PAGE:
A drive to ‘do better’

Leadership, serving at heart of philanthropy for trustee and alum

Before the many cleanup efforts Bill Crowder ’68 organized, the living rooms he helped dry out and the debris he helped remove, the lives to which he helped restore order; before the executive boards and
councils he has helped lead, the young people he’s mentored, the scholarships he’s funded; before the various civic awards and the recognition he’s received
from mayors and governors and presidents, there was Eric Yarborough.

Crowder was a freshman at Wingate Junior College in 1966, a young buck more interested in pouring concrete and building bridges than cracking the books. He wanted to be a builder, wanted to get his hands dirty and get on with life. But he didn’t want to let down his father, who insisted that his son would need an engineering degree if he was to take over the family construction business one day.

So Crowder found himself at Wingate, in the engineering program (yep, once upon a time Wingate was something of an engineering school). Restless, Crowder, along with several other students, formed the Outing Club, intent on seeking thrills in the mountains and forests of the Carolinas. Yarborough was pressed into being their faculty advisor. “I think this was his first year out of college,” Crowder says. “He was 25 maybe, and he drew the short straw.”

Short straw or not, the pairing continues to reap benefits for the wider world. Crowder says Yarborough recognized something in him, an indifferent student with a yen for adventure. “I never had a class with him,” Crowder says, “but he probably had more effect on me than anybody else here.”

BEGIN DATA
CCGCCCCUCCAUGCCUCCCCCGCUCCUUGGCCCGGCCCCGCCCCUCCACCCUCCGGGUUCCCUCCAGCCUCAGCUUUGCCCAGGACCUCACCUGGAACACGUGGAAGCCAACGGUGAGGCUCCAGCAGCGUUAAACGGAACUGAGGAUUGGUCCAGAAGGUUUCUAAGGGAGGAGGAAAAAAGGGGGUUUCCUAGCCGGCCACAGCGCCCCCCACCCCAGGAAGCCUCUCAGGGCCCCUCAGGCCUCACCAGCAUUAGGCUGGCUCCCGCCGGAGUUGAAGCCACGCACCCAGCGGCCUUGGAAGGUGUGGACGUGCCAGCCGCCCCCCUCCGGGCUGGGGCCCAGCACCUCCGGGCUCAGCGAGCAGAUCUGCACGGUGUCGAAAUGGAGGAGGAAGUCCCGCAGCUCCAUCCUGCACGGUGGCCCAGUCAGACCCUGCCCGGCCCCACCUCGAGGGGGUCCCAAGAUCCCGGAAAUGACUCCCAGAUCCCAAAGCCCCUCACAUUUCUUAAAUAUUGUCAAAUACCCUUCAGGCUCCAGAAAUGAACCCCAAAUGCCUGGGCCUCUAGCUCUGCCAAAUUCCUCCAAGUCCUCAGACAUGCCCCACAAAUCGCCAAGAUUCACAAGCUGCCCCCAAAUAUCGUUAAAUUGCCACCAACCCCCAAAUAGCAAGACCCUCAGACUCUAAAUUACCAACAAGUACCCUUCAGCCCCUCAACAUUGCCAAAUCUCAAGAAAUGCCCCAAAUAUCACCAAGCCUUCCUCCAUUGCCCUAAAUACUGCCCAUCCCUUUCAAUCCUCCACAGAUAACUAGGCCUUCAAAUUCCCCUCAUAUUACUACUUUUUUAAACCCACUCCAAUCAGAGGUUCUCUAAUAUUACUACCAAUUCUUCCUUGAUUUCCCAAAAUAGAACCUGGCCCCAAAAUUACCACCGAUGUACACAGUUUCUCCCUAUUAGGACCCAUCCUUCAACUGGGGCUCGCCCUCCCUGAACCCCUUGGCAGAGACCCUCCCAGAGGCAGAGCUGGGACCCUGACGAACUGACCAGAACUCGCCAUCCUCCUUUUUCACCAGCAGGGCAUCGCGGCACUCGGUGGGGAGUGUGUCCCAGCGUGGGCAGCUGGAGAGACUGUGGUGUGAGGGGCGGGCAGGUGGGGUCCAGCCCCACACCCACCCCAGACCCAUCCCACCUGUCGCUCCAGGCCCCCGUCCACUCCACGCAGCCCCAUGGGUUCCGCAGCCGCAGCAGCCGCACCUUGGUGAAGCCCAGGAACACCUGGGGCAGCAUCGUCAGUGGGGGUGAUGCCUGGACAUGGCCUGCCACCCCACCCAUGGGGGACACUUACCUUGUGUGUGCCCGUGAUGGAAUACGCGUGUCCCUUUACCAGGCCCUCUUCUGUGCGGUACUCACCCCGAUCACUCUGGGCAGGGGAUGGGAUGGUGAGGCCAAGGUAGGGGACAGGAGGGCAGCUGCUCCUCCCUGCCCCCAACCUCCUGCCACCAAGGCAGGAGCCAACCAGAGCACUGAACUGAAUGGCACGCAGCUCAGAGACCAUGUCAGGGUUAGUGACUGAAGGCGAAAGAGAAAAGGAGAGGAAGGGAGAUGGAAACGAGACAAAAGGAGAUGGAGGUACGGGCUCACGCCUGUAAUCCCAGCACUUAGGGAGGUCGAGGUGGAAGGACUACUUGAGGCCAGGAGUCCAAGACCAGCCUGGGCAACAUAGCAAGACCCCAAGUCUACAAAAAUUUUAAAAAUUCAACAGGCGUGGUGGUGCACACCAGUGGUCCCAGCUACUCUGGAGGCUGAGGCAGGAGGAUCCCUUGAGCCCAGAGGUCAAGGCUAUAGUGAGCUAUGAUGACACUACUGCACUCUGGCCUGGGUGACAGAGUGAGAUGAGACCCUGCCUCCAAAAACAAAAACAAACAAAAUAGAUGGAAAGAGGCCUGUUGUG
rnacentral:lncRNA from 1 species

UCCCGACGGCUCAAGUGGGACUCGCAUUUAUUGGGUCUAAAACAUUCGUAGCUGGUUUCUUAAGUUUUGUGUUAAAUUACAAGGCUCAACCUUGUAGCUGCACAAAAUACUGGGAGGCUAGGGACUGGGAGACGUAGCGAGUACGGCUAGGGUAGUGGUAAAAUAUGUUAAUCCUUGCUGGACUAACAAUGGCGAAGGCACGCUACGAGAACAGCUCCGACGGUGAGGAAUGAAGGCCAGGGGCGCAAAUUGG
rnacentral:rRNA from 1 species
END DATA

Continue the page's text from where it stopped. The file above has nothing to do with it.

Yarborough helped pull out of Crowder the leadership qualities that would eventually play a pivotal role as the Charlotte area rebuilt after Hurricane Hugo. Yarborough subtly nudged Crowder toward a more responsibility-oriented way of thinking.

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“He recognized, somehow, some way, some leadership ability in me and others,” the tall, lanky Crowder says. “He would pull me aside and say, ‘Crowder, you can do
better than that.’ Or ‘Crowder, I expect more out of you.’ And it was funny because Eric’s like 5-foot-6. He’d reach up with his arm and pull me down and
say, ‘You know better.’”

Crowder has consistently done better and given more ever since. He now serves on the Board